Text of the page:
Can you live chat with HMRC? -FreshBooks (2023)

8min. laughs

27. September 2022

Can you live chat with HMRC? -FreshBooks (1)

HM Revenue and Customs (HMRC) is known for being very careful about how it communicates. The Inland Revenue takes care of the administration and collection of all UK taxes. Each type of tax has its own department and a number of government experts to help with those specific regulations. They each have their own contact details and preferred ways of communicating to provide assistance.

For example, you can live chat about some tax jurisdictions. But you must use another method of communication to discuss other tax matters.

Find it a little confusing? You are definitely not the only one.

If you've ever done this, you know that live chat isn't as easy as it used to be.vocationto speak to a real human on FreshBooks.

Here's what we'll cover:

How do I contact HMRC?

About HMRC tem webchat?

Can you contact HMRC via email?


Can I talk to someone online about tax credits?

(Video) Best ways to contact HMRC (Get tax advice, help or file complaints)

Can you send text messages to HMRC?

What about social media?

Watch out for scams

How do I contact HMRC?

Getting to the right HMRC department - the right way - is a little tricky. It can also be a little intimidating when you're not sure who to speak to, or when your preferred method of communication isn't available for the department you want.

From HMRC's perspective, they want to get you to the right person for help as quickly as possible. And it needs to do security at the top of its processes. Because of this, it directs you to department phone numbers and has voice recognition software to further narrow down your query on the first call. This is one of the reasons why less secure means of communication are not suitable for some conversations.

Many taxpayers are reluctant to call HMRC because of their notorious difficulty with long waits. Waiting all day to talk to someone hardly seems helpful, and most people don't have the time to just wait for a counselor's response. And the thought of finding out you're in the wrong queue only to end up in the wrong department is the ultimate in frustration.

To help you choose the right method of communication and to identify the most commonly used departments, here is a brief overview of the best ways to contact HMRC.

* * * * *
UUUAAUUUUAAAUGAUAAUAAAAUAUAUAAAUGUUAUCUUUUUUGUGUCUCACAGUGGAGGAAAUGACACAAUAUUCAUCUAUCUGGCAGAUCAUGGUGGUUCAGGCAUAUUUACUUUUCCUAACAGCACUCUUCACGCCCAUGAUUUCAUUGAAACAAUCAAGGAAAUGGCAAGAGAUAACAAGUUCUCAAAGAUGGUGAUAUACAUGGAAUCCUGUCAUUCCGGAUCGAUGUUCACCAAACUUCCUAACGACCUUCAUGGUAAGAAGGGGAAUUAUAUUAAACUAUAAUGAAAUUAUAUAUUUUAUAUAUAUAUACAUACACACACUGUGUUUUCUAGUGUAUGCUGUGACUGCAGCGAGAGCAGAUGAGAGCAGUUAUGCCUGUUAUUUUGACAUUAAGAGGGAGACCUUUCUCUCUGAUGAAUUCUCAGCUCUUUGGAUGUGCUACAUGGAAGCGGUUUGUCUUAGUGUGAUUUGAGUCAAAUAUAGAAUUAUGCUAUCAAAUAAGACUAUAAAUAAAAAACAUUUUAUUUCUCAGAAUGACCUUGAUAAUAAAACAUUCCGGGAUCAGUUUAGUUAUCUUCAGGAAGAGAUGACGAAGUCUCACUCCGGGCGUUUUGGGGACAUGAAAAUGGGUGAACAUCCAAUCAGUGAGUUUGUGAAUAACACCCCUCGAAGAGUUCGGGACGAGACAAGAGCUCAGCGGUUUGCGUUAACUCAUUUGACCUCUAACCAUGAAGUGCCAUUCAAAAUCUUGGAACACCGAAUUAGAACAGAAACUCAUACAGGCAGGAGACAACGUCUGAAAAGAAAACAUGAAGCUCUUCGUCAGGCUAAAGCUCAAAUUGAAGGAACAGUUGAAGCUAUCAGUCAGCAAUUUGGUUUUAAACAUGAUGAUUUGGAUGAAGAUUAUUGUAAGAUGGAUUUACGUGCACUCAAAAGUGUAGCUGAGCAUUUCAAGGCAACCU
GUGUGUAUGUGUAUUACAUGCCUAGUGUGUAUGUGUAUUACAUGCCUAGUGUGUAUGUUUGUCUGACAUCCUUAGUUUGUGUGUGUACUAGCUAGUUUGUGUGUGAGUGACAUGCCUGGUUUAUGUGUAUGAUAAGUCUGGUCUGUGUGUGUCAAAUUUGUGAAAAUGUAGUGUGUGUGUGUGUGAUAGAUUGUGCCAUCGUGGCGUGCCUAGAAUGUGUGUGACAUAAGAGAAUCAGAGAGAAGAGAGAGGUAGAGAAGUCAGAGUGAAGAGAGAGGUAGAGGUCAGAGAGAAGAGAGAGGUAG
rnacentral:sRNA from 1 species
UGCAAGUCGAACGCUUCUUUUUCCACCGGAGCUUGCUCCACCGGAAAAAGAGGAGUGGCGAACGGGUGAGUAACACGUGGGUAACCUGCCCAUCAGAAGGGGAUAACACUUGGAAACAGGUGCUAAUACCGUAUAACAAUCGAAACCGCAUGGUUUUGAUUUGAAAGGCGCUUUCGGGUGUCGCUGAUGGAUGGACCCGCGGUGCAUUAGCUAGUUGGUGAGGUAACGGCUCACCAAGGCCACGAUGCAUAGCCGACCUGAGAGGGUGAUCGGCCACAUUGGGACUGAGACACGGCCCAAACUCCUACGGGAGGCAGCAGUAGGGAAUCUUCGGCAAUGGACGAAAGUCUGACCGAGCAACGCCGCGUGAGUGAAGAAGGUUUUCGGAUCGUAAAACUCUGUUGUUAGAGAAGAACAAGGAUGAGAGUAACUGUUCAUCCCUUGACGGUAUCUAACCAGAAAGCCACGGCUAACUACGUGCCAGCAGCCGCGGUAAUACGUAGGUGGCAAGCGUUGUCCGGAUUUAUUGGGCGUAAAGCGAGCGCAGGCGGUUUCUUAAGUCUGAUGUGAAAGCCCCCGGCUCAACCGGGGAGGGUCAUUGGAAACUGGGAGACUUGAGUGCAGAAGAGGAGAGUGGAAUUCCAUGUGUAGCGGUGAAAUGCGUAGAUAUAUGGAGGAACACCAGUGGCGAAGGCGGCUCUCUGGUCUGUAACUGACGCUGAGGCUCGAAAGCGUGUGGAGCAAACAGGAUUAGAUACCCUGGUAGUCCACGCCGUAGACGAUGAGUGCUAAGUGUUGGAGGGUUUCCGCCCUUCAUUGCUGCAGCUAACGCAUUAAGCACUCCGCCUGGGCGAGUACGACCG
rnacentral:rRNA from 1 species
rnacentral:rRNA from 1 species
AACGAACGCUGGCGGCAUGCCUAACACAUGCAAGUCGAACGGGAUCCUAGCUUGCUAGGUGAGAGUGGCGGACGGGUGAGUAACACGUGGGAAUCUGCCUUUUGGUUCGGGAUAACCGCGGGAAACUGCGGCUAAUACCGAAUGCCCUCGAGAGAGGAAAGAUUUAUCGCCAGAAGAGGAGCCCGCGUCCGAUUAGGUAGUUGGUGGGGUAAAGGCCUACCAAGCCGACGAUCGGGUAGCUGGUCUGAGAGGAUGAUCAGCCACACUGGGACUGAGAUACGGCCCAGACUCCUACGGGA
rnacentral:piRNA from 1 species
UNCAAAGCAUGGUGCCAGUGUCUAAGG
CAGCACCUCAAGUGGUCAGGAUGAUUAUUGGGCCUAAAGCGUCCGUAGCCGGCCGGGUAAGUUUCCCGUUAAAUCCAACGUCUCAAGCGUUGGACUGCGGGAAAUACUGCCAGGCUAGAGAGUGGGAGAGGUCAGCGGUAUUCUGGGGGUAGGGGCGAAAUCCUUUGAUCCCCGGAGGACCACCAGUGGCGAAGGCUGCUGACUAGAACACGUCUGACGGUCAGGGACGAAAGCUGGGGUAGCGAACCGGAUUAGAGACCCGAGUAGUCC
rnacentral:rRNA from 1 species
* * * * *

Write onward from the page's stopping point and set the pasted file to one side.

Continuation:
About HMRC tem webchat?

Webchat will appear as an option in the 'Support-Services' than something you would use if you needed help - and not just the alternative means of communication that many companies offer.

You can only discussThe fee depends on the income(TO COUNT),self-evaluation, VAT (BECAUSE),tax credits, zchild supportwith web chat. Webchat advisors will not discuss other tax matters with you, even if they are related.

The Institute of Chartered Accountants in England and Wales (ICAEW) states that they should only be for general matters because “they are not secure and personal information should not be shared.“

But HMRC is continuousevaluate and expandHis digital skills and web chat are becoming more widely available across different departments - possibly even becoming the first port of call for some taxpayer inquiries.

For example, if you contact HMRC for help with VAT you will have aChat-OptionFrom Monday to Friday from 8 a.m. to 6 p.m. Just click on the web chat and keep an eye out when an advisor is available. People are only encouraged to use the IVA phone line if the appointment is "urgent". And if you use the online form (email) you have to wait 15 days for a reply.

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It is important to keep a record of all communication with HMRC, including web chats. You can take, save and print screenshots of your conversation, or copy and paste them into another document. At a minimum, write down the date, time, and the name of the counselor you spoke to.

If online chat doesn't work for you Monday through Friday, email won't either. Mainly because there is no readily available email address for direct contact with HMRC departments. This is mainly due to security concerns.

Didn't you know email is so risky?

The main concerns of HMRC are:

  • identity verification
  • Possible manipulations during transport
  • Others who violate privacy by intercepting emails
  • Attachments with significant security breaches